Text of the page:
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Saturday, March 20, 2004


Starring Adrien Brody
Directed by Roman Polanski
Script adapted from Wladislaw Szpilman's Book
by Ronald Harwood

Another World War II movie to remind us of the atrocities committed against the Jews by the Nazis? Yep, and it's DAMN GOOD! Director Roman Polanski has finally found his way back onto the main highway after being lost for so many years, he must have pulled over to ask for directions. Thank God! This is a film directed by the director of Chinatown, and Rosemary's Baby, not the muddled crap of late, most notably Frantic or Bitter Moon. Welcome back, Mr. Polanski.

This dead-on and riveting piece of storytelling is based on the book by Polish Pianist Wladislaw Szpilman and chronicles his years of hiding during World War II. The story begins with the Szpilman family in Poland, 1939, just as the Nazis invade and commence with corralling all the Polish Jews into a small, walled off area that became known as the "Jewish Ghetto". It was basically a prison camp, where people were systematically starved, and randomly murdered by scumbag Nazis before they were then shipped off on cattle cars to lovely places like Auschwitz, to be further tortured, and finally gassed to death.

But this story focuses on Wladislaw Szpilman, an already well respected Pianist, played passionately by Adrien Brody, who received a well deserved Oscar nomination for Best Actor (don't be surprised to see him pick it up this year). It's a very personal story, beginning inauspiciously enough in a recording studio where Wladislaw is in the middle of recording a piano piece. The studio is bombed but he doesn't stop playing until he is literally knocked off his chair by a blast, a great introduction to the kind of character we will spend nearly the next three hours with.

Moving on, we see the Szpilman family trying to adjust to the assinine and sinister rules being imposed upon them by the occupying Nazis. Jews are only allowed to keep a maximum of 2000 dollars in their homes, and they have 5000, so there's a great scene that introduces us to all the family members as they argue about how to hide the money, great writing, there.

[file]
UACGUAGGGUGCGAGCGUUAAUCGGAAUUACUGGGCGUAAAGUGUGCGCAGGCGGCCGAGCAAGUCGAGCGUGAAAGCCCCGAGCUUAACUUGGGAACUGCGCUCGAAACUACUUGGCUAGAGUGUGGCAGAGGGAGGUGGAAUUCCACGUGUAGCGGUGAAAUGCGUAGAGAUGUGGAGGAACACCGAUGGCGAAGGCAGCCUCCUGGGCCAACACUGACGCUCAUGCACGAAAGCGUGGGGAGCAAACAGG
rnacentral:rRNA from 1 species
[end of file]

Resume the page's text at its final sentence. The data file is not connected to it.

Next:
Once the occupation is in full force, we see just how horrible living conditions have gotten in Poland. It's every man for himself, every child for himself. Wladislaw eventually ends up outside the ghetto, spending countless weeks, months, and even years basically hiding in apartments owned by friends, literally locked inside, unable to reveal himself, even to neighbors next door. One particular apartment even has a piano, but he can only sit and imagine playing it, because to play it would alert someone to his presence.

It does make your gut hurt, and it reminded me a bit of another great little movie called Europa Europa, about a young Jewish boy and his even more unbelievable tale of survival during Hitler's rampage through Europe. As in Spielberg's Schindler's List, Polanski's camera is unflinching, never blinking and unafraid, making it hard to watch sometimes, for even the most hardened moviegoer. But it's worth it.

Another element that I have been wondering about with regard to previous WW2 films is the following question: Did any Jews ever fight back? Well, this film does deal with that. And yes, some Jews did fight back, and it's depicted in this film. And there's even a Nazi (based on a real Nazi) who's not a complete load, just to humanize them just a little, and a little is all they deserve.

It's nearly three hours long, but feels like two, and it's great filmmaking, look for it to get something come Oscar time.

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